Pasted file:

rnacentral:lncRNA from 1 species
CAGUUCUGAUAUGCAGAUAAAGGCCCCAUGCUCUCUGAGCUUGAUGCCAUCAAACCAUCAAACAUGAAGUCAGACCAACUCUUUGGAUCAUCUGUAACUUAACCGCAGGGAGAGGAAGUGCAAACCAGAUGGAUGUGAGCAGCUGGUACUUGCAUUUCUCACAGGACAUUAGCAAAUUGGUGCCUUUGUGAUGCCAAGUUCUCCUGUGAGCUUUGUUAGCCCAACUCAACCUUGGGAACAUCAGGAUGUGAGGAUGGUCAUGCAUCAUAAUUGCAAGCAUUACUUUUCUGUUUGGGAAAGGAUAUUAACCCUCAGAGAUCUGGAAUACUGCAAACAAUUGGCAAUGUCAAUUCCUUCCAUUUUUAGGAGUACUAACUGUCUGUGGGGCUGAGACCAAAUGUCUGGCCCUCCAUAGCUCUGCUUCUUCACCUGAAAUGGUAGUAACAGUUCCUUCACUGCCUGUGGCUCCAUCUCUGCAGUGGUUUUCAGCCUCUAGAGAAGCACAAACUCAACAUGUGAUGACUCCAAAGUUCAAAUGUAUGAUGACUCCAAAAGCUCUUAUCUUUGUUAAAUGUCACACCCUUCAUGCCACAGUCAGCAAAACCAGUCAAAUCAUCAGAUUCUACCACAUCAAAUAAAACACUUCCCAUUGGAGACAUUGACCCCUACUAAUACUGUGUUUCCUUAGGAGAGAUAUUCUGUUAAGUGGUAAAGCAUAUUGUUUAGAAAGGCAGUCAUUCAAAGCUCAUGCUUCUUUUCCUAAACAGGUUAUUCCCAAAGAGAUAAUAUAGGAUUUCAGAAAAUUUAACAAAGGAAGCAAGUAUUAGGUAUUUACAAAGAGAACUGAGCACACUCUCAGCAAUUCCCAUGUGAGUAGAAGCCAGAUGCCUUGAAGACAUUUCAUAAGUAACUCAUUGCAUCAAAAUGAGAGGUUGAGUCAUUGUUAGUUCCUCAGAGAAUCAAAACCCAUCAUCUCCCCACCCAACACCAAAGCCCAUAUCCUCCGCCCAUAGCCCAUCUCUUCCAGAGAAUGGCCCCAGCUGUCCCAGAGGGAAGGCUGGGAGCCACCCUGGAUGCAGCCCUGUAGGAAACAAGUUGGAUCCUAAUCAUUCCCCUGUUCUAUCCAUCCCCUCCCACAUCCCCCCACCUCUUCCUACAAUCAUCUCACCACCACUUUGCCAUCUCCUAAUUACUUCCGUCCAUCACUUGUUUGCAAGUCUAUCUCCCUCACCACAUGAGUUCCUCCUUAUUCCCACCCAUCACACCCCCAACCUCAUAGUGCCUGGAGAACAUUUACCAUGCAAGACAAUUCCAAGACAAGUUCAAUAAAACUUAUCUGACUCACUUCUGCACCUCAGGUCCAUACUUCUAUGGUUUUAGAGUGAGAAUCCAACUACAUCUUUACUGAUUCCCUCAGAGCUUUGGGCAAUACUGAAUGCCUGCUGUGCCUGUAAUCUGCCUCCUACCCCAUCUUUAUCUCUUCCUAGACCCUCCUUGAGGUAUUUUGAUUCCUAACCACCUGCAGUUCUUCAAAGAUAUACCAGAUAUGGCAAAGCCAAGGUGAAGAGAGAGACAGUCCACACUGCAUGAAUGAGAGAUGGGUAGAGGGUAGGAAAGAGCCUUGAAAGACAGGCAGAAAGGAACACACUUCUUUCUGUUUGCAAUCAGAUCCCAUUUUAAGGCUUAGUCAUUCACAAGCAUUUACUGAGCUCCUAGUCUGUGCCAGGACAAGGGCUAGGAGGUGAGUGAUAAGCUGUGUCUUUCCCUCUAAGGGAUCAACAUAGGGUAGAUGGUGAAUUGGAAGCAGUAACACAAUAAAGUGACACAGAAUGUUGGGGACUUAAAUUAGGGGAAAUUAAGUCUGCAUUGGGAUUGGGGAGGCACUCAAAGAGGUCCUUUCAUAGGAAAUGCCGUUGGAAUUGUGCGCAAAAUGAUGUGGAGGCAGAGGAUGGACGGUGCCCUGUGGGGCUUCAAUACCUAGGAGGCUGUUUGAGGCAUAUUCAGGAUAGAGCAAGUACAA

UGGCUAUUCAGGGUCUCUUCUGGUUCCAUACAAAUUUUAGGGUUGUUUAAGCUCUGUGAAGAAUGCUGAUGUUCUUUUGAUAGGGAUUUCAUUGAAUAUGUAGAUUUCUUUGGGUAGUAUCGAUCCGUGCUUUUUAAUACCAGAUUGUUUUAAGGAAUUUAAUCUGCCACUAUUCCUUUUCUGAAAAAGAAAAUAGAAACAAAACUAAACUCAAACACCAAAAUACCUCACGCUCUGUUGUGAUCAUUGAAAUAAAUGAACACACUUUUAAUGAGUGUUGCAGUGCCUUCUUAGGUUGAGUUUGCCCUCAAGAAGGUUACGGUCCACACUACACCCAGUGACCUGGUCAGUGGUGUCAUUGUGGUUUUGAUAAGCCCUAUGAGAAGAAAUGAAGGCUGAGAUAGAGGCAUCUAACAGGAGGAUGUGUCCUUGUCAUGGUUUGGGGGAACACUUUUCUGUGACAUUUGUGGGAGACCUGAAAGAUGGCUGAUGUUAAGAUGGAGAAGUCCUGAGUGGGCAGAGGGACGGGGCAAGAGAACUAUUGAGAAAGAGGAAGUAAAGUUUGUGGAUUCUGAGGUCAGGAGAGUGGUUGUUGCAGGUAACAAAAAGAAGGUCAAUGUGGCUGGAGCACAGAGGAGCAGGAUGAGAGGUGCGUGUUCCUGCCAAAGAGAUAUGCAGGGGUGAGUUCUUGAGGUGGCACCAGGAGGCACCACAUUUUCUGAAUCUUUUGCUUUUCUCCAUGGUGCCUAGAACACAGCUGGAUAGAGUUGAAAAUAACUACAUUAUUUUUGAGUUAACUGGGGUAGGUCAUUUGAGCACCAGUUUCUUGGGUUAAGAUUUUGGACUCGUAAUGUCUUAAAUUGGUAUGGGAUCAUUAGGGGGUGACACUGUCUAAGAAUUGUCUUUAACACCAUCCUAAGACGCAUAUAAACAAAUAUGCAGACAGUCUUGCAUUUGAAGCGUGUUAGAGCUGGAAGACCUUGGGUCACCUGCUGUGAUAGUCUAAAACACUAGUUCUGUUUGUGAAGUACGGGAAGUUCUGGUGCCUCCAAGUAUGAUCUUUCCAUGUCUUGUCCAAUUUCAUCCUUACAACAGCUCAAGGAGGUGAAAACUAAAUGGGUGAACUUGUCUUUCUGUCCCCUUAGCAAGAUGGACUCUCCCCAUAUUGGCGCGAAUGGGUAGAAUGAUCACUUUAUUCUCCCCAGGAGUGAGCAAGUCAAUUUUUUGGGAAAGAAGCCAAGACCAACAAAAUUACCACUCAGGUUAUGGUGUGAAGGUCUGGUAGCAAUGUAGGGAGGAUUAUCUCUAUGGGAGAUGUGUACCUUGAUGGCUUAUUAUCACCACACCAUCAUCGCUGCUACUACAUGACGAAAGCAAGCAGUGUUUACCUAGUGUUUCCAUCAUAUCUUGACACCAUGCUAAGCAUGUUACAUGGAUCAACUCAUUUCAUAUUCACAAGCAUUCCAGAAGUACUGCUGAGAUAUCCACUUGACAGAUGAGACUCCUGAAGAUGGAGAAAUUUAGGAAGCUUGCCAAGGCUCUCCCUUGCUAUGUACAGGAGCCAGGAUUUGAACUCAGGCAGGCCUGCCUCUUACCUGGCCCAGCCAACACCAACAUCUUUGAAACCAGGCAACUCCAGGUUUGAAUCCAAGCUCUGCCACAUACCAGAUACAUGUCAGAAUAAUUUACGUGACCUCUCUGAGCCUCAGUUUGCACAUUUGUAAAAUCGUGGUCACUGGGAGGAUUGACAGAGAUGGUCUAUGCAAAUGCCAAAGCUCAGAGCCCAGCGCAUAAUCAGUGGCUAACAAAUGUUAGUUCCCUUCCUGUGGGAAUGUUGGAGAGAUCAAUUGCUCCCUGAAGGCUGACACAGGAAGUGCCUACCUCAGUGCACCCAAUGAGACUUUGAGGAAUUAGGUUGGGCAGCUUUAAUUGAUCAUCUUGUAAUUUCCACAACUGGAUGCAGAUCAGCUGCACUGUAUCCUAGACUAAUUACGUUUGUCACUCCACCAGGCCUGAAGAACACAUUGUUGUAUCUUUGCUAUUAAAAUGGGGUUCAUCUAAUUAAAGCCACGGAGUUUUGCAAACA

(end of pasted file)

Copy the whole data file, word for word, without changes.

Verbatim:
rnacentral:lncRNA from 1 species
CAGUUCUGAUAUGCAGAUAAAGGCCCCAUGCUCUCUGAGCUUGAUGCCAUCAAACCAUCAAACAUGAAGUCAGACCAACUCUUUGGAUCAUCUGUAACUUAACCGCAGGGAGAGGAAGUGCAAACCAGAUGGAUGUGAGCAGCUGGUACUUGCAUUUCUCACAGGACAUUAGCAAAUUGGUGCCUUUGUGAUGCCAAGUUCUCCUGUGAGCUUUGUUAGCCCAACUCAACCUUGGGAACAUCAGGAUGUGAGGAUGGUCAUGCAUCAUAAUUGCAAGCAUUACUUUUCUGUUUGGGAAAGGAUAUUAACCCUCAGAGAUCUGGAAUACUGCAAACAAUUGGCAAUGUCAAUUCCUUCCAUUUUUAGGAGUACUAACUGUCUGUGGGGCUGAGACCAAAUGUCUGGCCCUCCAUAGCUCUGCUUCUUCACCUGAAAUGGUAGUAACAGUUCCUUCACUGCCUGUGGCUCCAUCUCUGCAGUGGUUUUCAGCCUCUAGAGAAGCACAAACUCAACAUGUGAUGACUCCAAAGUUCAAAUGUAUGAUGACUCCAAAAGCUCUUAUCUUUGUUAAAUGUCACACCCUUCAUGCCACAGUCAGCAAAACCAGUCAAAUCAUCAGAUUCUACCACAUCAAAUAAAACACUUCCCAUUGGAGACAUUGACCCCUACUAAUACUGUGUUUCCUUAGGAGAGAUAUUCUGUUAAGUGGUAAAGCAUAUUGUUUAGAAAGGCAGUCAUUCAAAGCUCAUGCUUCUUUUCCUAAACAGGUUAUUCCCAAAGAGAUAAUAUAGGAUUUCAGAAAAUUUAACAAAGGAAGCAAGUAUUAGGUAUUUACAAAGAGAACUGAGCACACUCUCAGCAAUUCCCAUGUGAGUAGAAGCCAGAUGCCUUGAAGACAUUUCAUAAGUAACUCAUUGCAUCAAAAUGAGAGGUUGAGUCAUUGUUAGUUCCUCAGAGAAUCAAAACCCAUCAUCUCCCCACCCAACACCAAAGCCCAUAUCCUCCGCCCAUAGCCCAUCUCUUCCAGAGAAUGGCCCCAGCUGUCCCAGAGGGAAGGCUGGGAGCCACCCUGGAUGCAGCCCUGUAGGAAACAAGUUGGAUCCUAAUCAUUCCCCUGUUCUAUCCAUCCCCUCCCACAUCCCCCCACCUCUUCCUACAAUCAUCUCACCACCACUUUGCCAUCUCCUAAUUACUUCCGUCCAUCACUUGUUUGCAAGUCUAUCUCCCUCACCACAUGAGUUCCUCCUUAUUCCCACCCAUCACACCCCCAACCUCAUAGUGCCUGGAGAACAUUUACCAUGCAAGACAAUUCCAAGACAAGUUCAAUAAAACUUAUCUGACUCACUUCUGCACCUCAGGUCCAUACUUCUAUGGUUUUAGAGUGAGAAUCCAACUACAUCUUUACUGAUUCCCUCAGAGCUUUGGGCAAUACUGAAUGCCUGCUGUGCCUGUAAUCUGCCUCCUACCCCAUCUUUAUCUCUUCCUAGACCCUCCUUGAGGUAUUUUGAUUCCUAACCACCUGCAGUUCUUCAAAGAUAUACCAGAUAUGGCAAAGCCAAGGUGAAGAGAGAGACAGUCCACACUGCAUGAAUGAGAGAUGGGUAGAGGGUAGGAAAGAGCCUUGAAAGACAGGCAGAAAGGAACACACUUCUUUCUGUUUGCAAUCAGAUCCCAUUUUAAGGCUUAGUCAUUCACAAGCAUUUACUGAGCUCCUAGUCUGUGCCAGGACAAGGGCUAGGAGGUGAGUGAUAAGCUGUGUCUUUCCCUCUAAGGGAUCAACAUAGGGUAGAUGGUGAAUUGGAAGCAGUAACACAAUAAAGUGACACAGAAUGUUGGGGACUUAAAUUAGGGGAAAUUAAGUCUGCAUUGGGAUUGGGGAGGCACUCAAAGAGGUCCUUUCAUAGGAAAUGCCGUUGGAAUUGUGCGCAAAAUGAUGUGGAGGCAGAGGAUGGACGGUGCCCUGUGGGGCUUCAAUACCUAGGAGGCUGUUUGAGGCAUAUUCAGGAUAGAGCAAGUACAA

UGGCUAUUCAGGGUCUCUUCUGGUUCCAUACAAAUUUUAGGGUUGUUUAAGCUCUGUGAAGAAUGCUGAUGUUCUUUUGAUAGGGAUUUCAUUGAAUAUGUAGAUUUCUUUGGGUAGUAUCGAUCCGUGCUUUUUAAUACCAGAUUGUUUUAAGGAAUUUAAUCUGCCACUAUUCCUUUUCUGAAAAAGAAAAUAGAAACAAAACUAAACUCAAACACCAAAAUACCUCACGCUCUGUUGUGAUCAUUGAAAUAAAUGAACACACUUUUAAUGAGUGUUGCAGUGCCUUCUUAGGUUGAGUUUGCCCUCAAGAAGGUUACGGUCCACACUACACCCAGUGACCUGGUCAGUGGUGUCAUUGUGGUUUUGAUAAGCCCUAUGAGAAGAAAUGAAGGCUGAGAUAGAGGCAUCUAACAGGAGGAUGUGUCCUUGUCAUGGUUUGGGGGAACACUUUUCUGUGACAUUUGUGGGAGACCUGAAAGAUGGCUGAUGUUAAGAUGGAGAAGUCCUGAGUGGGCAGAGGGACGGGGCAAGAGAACUAUUGAGAAAGAGGAAGUAAAGUUUGUGGAUUCUGAGGUCAGGAGAGUGGUUGUUGCAGGUAACAAAAAGAAGGUCAAUGUGGCUGGAGCACAGAGGAGCAGGAUGAGAGGUGCGUGUUCCUGCCAAAGAGAUAUGCAGGGGUGAGUUCUUGAGGUGGCACCAGGAGGCACCACAUUUUCUGAAUCUUUUGCUUUUCUCCAUGGUGCCUAGAACACAGCUGGAUAGAGUUGAAAAUAACUACAUUAUUUUUGAGUUAACUGGGGUAGGUCAUUUGAGCACCAGUUUCUUGGGUUAAGAUUUUGGACUCGUAAUGUCUUAAAUUGGUAUGGGAUCAUUAGGGGGUGACACUGUCUAAGAAUUGUCUUUAACACCAUCCUAAGACGCAUAUAAACAAAUAUGCAGACAGUCUUGCAUUUGAAGCGUGUUAGAGCUGGAAGACCUUGGGUCACCUGCUGUGAUAGUCUAAAACACUAGUUCUGUUUGUGAAGUACGGGAAGUUCUGGUGCCUCCAAGUAUGAUCUUUCCAUGUCUUGUCCAAUUUCAUCCUUACAACAGCUCAAGGAGGUGAAAACUAAAUGGGUGAACUUGUCUUUCUGUCCCCUUAGCAAGAUGGACUCUCCCCAUAUUGGCGCGAAUGGGUAGAAUGAUCACUUUAUUCUCCCCAGGAGUGAGCAAGUCAAUUUUUUGGGAAAGAAGCCAAGACCAACAAAAUUACCACUCAGGUUAUGGUGUGAAGGUCUGGUAGCAAUGUAGGGAGGAUUAUCUCUAUGGGAGAUGUGUACCUUGAUGGCUUAUUAUCACCACACCAUCAUCGCUGCUACUACAUGACGAAAGCAAGCAGUGUUUACCUAGUGUUUCCAUCAUAUCUUGACACCAUGCUAAGCAUGUUACAUGGAUCAACUCAUUUCAUAUUCACAAGCAUUCCAGAAGUACUGCUGAGAUAUCCACUUGACAGAUGAGACUCCUGAAGAUGGAGAAAUUUAGGAAGCUUGCCAAGGCUCUCCCUUGCUAUGUACAGGAGCCAGGAUUUGAACUCAGGCAGGCCUGCCUCUUACCUGGCCCAGCCAACACCAACAUCUUUGAAACCAGGCAACUCCAGGUUUGAAUCCAAGCUCUGCCACAUACCAGAUACAUGUCAGAAUAAUUUACGUGACCUCUCUGAGCCUCAGUUUGCACAUUUGUAAAAUCGUGGUCACUGGGAGGAUUGACAGAGAUGGUCUAUGCAAAUGCCAAAGCUCAGAGCCCAGCGCAUAAUCAGUGGCUAACAAAUGUUAGUUCCCUUCCUGUGGGAAUGUUGGAGAGAUCAAUUGCUCCCUGAAGGCUGACACAGGAAGUGCCUACCUCAGUGCACCCAAUGAGACUUUGAGGAAUUAGGUUGGGCAGCUUUAAUUGAUCAUCUUGUAAUUUCCACAACUGGAUGCAGAUCAGCUGCACUGUAUCCUAGACUAAUUACGUUUGUCACUCCACCAGGCCUGAAGAACACAUUGUUGUAUCUUUGCUAUUAAAAUGGGGUUCAUCUAAUUAAAGCCACGGAGUUUUGCAAACA